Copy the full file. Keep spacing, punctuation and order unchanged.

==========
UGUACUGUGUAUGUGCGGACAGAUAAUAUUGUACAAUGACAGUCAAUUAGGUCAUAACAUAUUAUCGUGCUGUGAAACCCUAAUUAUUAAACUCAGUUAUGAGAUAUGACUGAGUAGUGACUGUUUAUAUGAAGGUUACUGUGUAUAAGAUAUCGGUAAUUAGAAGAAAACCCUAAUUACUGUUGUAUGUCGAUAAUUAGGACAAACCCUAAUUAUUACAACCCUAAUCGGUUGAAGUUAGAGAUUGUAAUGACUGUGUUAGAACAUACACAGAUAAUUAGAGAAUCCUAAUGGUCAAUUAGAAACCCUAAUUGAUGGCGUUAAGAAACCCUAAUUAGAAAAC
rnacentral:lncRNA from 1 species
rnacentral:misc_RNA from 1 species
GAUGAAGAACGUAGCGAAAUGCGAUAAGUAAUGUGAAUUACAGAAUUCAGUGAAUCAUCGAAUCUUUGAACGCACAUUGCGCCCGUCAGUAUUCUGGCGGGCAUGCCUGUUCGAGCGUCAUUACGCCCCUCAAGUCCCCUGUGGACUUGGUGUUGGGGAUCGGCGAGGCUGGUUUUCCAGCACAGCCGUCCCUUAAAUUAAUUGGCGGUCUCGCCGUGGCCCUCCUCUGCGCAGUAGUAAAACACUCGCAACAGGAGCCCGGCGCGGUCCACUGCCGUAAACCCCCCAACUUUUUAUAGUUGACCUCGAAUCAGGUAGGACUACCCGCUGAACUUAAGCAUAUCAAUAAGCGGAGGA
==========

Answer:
UGUACUGUGUAUGUGCGGACAGAUAAUAUUGUACAAUGACAGUCAAUUAGGUCAUAACAUAUUAUCGUGCUGUGAAACCCUAAUUAUUAAACUCAGUUAUGAGAUAUGACUGAGUAGUGACUGUUUAUAUGAAGGUUACUGUGUAUAAGAUAUCGGUAAUUAGAAGAAAACCCUAAUUACUGUUGUAUGUCGAUAAUUAGGACAAACCCUAAUUAUUACAACCCUAAUCGGUUGAAGUUAGAGAUUGUAAUGACUGUGUUAGAACAUACACAGAUAAUUAGAGAAUCCUAAUGGUCAAUUAGAAACCCUAAUUGAUGGCGUUAAGAAACCCUAAUUAGAAAAC
rnacentral:lncRNA from 1 species
rnacentral:misc_RNA from 1 species
GAUGAAGAACGUAGCGAAAUGCGAUAAGUAAUGUGAAUUACAGAAUUCAGUGAAUCAUCGAAUCUUUGAACGCACAUUGCGCCCGUCAGUAUUCUGGCGGGCAUGCCUGUUCGAGCGUCAUUACGCCCCUCAAGUCCCCUGUGGACUUGGUGUUGGGGAUCGGCGAGGCUGGUUUUCCAGCACAGCCGUCCCUUAAAUUAAUUGGCGGUCUCGCCGUGGCCCUCCUCUGCGCAGUAGUAAAACACUCGCAACAGGAGCCCGGCGCGGUCCACUGCCGUAAACCCCCCAACUUUUUAUAGUUGACCUCGAAUCAGGUAGGACUACCCGCUGAACUUAAGCAUAUCAAUAAGCGGAGGA